Last Day at Ocean Pond

campground road

Main campground road

Lunch time!

Lunch time!

Rarely have I felt such a profound sense of peace as at this campground.  Many campgrounds are quiet and peaceful, but this one outdoes them all.  Our loop is full of weekend campers, but I just stepped outside at 9:45 p.m., and the only sounds are the night sounds of –maybe cicadas?  Tree frogs?  (Last night’s noisy campers left early this morning.)

There are no street lights here so it feels almost like we have the forest to ourselves.  This is the only place I’ve stayed that I haven’t gotten antsy to move in a week.  In fact, I almost regretted that we are leaving tomorrow.  I think this is a place I could happily spend the winter.

Cypress tree

Cypress tree

At least, I felt that way until Ron got the truck packed this evening, and I finished my shower and turned the water heater off.   Now all we have to do is unhook the water and electric and make the beds in the morning and we’ll be ready to go.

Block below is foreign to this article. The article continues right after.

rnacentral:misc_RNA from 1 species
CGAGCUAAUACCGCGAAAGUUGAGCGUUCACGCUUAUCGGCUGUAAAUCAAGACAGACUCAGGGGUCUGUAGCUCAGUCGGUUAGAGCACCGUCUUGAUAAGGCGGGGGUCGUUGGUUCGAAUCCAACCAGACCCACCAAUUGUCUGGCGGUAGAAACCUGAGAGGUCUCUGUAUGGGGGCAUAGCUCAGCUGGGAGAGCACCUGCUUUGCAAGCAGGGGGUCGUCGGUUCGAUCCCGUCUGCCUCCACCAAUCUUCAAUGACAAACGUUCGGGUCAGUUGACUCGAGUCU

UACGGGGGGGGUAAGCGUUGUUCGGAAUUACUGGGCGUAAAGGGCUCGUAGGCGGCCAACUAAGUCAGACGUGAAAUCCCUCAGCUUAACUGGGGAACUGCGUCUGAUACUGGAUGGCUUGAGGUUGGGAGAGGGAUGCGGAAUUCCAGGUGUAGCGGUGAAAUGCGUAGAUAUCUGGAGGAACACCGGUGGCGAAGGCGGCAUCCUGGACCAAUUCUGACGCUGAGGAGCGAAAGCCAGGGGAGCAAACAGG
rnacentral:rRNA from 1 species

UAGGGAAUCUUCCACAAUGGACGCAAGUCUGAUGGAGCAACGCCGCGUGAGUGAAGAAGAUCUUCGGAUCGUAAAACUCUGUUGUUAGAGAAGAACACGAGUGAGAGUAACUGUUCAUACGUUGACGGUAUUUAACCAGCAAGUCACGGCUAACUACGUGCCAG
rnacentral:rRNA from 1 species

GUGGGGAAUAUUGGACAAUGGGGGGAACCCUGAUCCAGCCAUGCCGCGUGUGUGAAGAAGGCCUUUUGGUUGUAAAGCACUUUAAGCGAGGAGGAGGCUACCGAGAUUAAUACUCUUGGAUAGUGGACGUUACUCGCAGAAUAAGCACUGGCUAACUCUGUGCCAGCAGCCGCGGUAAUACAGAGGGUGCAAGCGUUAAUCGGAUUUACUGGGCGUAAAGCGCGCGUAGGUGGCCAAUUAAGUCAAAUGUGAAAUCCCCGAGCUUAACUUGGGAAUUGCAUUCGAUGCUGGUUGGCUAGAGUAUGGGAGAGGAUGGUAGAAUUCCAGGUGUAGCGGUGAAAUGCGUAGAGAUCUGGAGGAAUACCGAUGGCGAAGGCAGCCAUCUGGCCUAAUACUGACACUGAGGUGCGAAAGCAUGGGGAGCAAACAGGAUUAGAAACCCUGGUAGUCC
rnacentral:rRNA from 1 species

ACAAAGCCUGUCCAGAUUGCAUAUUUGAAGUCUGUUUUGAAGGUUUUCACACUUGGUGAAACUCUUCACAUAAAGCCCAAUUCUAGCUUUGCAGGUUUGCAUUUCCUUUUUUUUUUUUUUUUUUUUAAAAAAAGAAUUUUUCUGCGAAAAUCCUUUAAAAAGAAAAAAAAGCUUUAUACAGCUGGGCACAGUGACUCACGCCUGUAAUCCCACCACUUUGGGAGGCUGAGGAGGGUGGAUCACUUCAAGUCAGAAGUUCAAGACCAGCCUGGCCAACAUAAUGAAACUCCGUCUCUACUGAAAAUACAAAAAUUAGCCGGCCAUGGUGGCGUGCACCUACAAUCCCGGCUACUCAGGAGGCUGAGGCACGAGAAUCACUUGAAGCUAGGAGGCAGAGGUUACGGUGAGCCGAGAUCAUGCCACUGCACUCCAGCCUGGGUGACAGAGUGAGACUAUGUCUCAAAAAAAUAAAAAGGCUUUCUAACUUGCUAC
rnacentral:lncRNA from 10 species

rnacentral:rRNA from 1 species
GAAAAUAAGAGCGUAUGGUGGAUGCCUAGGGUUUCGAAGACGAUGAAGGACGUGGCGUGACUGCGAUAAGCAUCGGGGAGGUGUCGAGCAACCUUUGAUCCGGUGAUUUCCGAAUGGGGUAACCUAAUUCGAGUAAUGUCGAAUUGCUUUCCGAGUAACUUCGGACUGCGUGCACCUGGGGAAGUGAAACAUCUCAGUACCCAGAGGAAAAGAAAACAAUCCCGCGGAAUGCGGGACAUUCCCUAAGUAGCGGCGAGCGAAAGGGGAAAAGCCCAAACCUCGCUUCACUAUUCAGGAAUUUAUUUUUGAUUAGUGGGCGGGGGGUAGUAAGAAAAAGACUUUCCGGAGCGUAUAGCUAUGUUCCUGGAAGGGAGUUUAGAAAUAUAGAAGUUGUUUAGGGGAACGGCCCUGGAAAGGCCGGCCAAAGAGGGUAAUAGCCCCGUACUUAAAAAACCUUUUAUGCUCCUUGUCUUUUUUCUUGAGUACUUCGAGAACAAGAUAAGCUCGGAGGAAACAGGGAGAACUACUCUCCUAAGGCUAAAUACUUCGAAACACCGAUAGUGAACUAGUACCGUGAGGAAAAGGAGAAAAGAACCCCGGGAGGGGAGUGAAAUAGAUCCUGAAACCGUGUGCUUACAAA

We were considering boondocking in one of the Ocala National Forest campgrounds that don’t have hookups.  But then I remembered that big rigs will be running generators there.  So we’ve decided to head for Salt Springs instead.  They have full hookups for $16.00 a night with our senior pass.  And hookups mean no generator noise.

Florida Trail sign

Florida Trail sign

We are going to have to head back home in 9 or 10 days.  Ron’s temporary driver license is expiring.  We had our mail forwarded to Mom’s house this trip so we could pick up the permanent license as soon as it arrived in the mail.  But we didn’t realize they won’t forward driver licenses.  So a trip back home is mandatory.

Ron considered leaving me here and driving back home and taking care of business, then coming back.  But that would leave me without a vehicle.  And I need to see my doctor anyway, so we’ll just cut the trip short.  Then, maybe after we get done with taxes, we can head back down here.

Picture of the trail.  See, I really was there!  :D

Picture of the trail. See, I really was there!

We decided to check out one of the trails here this afternoon.  I had heard that there was a short trail that we could easily manage.  So we headed toward the trail sign and discovered that it was actually part of the scenic 1400 mile long Florida Trail! We walked a short distance just so I could say I hiked on the Florida Trail.  😀